Florida Rep. Matt Gaetz is under fire for what some view as a racist Twitter taunt against two black lawmakers, a sign that the House and Senate standoff over healthcare funding has devolved into personal attacks.
In his Thursday afternoon tweet, Gaetz, R-Fort Walton Beach, singled out Sens. Arthenia Joyner and Dwight Bullard, both of whom are black, out of the 13 Democratic senators who filed an emergency lawsuit challenging the House for ending its session early.
“This lawsuit reads like it was researched and drafted by Sen Joyner ... and spell checked by Sen Bullard,” Gaetz wrote.
Almost immediately, and through the night, tweets both supportive and angry flew at Gaetz. By Friday morning, he’d been chided by fellow Republicans Sen. Jack Latvala, R-Clearwater, and Rep. Mike Hill, R-Pensacola Beach, who called for a public apology.
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House Speaker Steve Crisafulli apologized on his own Twitter account and defended Gaetz as “an agitator, yes, but not a racist.”
Joyner, the Senate Democratic leader from Tampa, said that Gaetz was immature and that he “didn’t respect race,” highlighting diversity among the Senate’s 14 Democrats and questioning his motives in specifically criticizing her and Bullard, D-Cutler Bay.
“To single us out and imply that I can’t research and he can’t spell was offensive,” Joyner said. “Why not Sen. [Darren] Soto? Why not Sen. [Maria Lorts] Sachs? Why just Joyner and Bullard?”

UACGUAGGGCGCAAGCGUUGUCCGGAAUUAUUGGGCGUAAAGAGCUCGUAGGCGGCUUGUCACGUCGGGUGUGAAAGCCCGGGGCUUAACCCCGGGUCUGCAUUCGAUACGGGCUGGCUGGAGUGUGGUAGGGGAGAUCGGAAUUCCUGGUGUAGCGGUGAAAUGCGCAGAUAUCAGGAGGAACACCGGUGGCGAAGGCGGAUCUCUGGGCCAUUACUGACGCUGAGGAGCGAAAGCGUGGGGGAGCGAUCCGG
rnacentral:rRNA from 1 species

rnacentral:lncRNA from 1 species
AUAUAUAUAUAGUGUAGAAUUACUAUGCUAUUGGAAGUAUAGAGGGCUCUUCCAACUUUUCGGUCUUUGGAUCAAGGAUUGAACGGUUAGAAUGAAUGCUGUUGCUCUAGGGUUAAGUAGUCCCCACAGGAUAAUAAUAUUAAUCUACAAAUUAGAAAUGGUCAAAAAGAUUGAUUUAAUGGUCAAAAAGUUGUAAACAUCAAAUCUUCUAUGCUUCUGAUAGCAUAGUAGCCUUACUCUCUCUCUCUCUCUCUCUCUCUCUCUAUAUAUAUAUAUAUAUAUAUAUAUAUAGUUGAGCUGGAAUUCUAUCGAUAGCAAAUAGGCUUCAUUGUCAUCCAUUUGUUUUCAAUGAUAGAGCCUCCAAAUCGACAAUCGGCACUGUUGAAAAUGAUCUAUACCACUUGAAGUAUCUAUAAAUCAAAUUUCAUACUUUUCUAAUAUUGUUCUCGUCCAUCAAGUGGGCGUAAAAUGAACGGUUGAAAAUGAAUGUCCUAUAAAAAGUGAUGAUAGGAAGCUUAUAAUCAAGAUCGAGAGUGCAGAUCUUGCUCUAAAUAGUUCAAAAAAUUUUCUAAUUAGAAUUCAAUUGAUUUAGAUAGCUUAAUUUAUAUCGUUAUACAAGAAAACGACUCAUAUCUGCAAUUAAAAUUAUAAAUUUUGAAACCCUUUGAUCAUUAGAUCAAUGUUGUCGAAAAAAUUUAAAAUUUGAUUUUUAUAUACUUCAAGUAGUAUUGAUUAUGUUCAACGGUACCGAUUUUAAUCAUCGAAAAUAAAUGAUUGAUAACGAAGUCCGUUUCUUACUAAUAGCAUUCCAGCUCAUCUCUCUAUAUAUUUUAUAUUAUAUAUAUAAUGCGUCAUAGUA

Gaetz could not be reached for comment, and Joyner said Friday afternoon that he hadn’t reached out and apologized to her. But Gaetz did issue a partial apology Friday via Twitter.
“My criticisms of ObamaCare Expansion and it’s [sic] supporters are based solely on the facts,” he wrote. “Deeply sorry if anyone read more into it than that.”
Joyner says this issue is about more than just a tweet with racial overtones. She has suggested that House Republicans’ opposition to Medicaid expansion is racially motivated.
Florida accepts millions of dollars from the federal government, she said, and Republicans have been willing to take that money in the past.
“Prior to this administration, the person who sat in the White House didn’t look like either Sen. Bullard or myself,” she said. “We do share something with the president, and that’s color.”
Gaetz has a reputation in the Capitol for his firebrand personality, put on full display on both the House floor and Twitter. In 2012, he told the Herald/Times that he has fired off a few tweets that he might have reconsidered.
“There might have been a few I wouldn’t have sent if I waited 10 to 20 seconds,” he said.
But Bullard, who’s also chair of the Florida Legislative Black Caucus, said he thinks Gaetz’s tweet was deliberate.
“I will say this, though,” Bullard told reporters Friday afternoon. “#HeKnewWhatHeMeant.”
Contact Michael Auslen at firstname.lastname@example.org. Follow @MichaelAuslen.